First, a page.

Currently, there are 3,357 MAX jets on order, however future cancellations could see this number drop.

According to Bloomberg, Boeing’s debt load has jumped to US$61 billion thanks to its pandemic fundraising efforts, up from US$28.5 billion at the start of the year.

The 737 MAX is due to return to commercial service within weeks, with both the US Federal Aviation Administration and the European Union Aviation Safety Agency stating regulatory approvals are due to be confirmed in November.


  • Steve A


    Not surprised that Boeing is suffering now. It has had some pretty crappy management in recent times.
    Instead of focusing on its businesses and designing world beating aircraft, its business has been turned into buying back its own shares.
    That has made it a darling of Wall Street. With grossly inflated share prices making it having record performance.
    But, back on the farm, so to speak, in order to have more cash for share buy backs, a 1960’s vintage aircraft was dolled up into yet another iteration of the B737.
    That saved Boeing mega bucks in capital costs and R&D.
    Boeing is not alone in the Wall street share buy back sagas. American companies do this all the time and convince shareholders that it’s a return to shareholders.
    Some, like American Airlines, even spend cash they don’t have to do this. They spent nearly $7 billion US more on share buy backs, than their free cashflow. Crazy stuff eh?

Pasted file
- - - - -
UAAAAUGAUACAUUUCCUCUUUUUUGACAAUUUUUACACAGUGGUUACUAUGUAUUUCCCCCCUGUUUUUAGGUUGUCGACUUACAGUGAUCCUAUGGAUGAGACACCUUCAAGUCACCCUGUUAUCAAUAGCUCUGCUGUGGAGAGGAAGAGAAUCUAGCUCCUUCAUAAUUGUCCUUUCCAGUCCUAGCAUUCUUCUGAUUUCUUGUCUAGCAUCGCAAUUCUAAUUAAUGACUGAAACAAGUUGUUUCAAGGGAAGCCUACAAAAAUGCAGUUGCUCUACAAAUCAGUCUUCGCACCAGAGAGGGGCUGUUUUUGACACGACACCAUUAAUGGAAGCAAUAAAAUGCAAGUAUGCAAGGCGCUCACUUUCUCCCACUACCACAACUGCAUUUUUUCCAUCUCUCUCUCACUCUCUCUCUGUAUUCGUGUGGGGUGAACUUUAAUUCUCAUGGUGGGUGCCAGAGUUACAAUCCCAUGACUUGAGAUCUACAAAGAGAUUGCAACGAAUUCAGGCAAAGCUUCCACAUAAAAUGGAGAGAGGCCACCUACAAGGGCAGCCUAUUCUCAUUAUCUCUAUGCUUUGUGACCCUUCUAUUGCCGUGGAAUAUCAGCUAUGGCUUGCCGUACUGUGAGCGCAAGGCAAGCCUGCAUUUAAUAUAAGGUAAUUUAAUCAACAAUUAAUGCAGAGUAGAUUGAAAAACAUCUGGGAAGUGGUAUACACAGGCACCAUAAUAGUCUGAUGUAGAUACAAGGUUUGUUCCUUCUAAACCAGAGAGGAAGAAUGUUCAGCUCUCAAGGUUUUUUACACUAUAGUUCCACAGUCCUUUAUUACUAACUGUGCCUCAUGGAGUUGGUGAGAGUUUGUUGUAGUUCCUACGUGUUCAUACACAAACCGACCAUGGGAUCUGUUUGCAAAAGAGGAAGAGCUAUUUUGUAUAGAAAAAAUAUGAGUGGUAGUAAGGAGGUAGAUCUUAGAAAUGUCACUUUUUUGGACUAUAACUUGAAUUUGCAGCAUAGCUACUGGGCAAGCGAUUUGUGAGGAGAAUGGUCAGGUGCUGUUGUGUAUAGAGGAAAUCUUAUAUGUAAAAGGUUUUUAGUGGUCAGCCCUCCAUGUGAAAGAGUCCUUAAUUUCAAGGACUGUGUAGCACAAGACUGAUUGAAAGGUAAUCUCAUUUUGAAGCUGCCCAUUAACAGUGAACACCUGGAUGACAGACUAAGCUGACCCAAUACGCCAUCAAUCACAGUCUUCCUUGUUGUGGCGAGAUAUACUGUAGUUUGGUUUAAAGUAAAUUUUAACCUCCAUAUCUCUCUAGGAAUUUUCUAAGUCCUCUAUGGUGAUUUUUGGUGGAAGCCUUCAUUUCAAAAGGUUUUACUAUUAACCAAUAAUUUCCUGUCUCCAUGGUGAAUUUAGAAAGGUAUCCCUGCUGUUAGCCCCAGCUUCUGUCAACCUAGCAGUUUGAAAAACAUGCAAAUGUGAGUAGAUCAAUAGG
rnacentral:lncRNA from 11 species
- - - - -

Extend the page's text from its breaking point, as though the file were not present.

And who are at the forefront of US companies holding their hands out for US taxpayer’s money?
    Boeing wants $60 billion, and heaps of other US airlines are up there too wanting billions as well.
    And many Australian companies are guilty of management laziness too.
    Qantas has spent more than $3 billion on “returning money to shareholders ” by buying back shares.
    I think that most long-term QF shareholders would prefer a more stable and generous dividend payment, instead of having to wait 7 years like in the past for Mr Joyce to throw them a few scraps.
    Or for their profits to be redirected towards developing the airline, or even, dare I say it, buying some more new aircraft to give their passengers a better service.
    If they had bought new aircraft, of course they would be probably in storage now. But at least they would have been available for collateral.
    Who could have guessed that COVID-19 would be with us? Nobody is blaming AJ for COVID-19, but the airline should have been in better shape, for this or any other eventuality.
    Qantas shouldn’t be gaining domestic market share because of reduced competition, but because it is made into a great airline again.
    This won’t happen with the current top management in place, or the current Board in place. They are supposed to be a supervisory team, looking after shareholder’s interests, but up until now they just rubber stamp AJ’s decisions.
    Make the change now QF Board. Do your job finally.

  • Peter Brown


    Fewer Maxs = Less deaths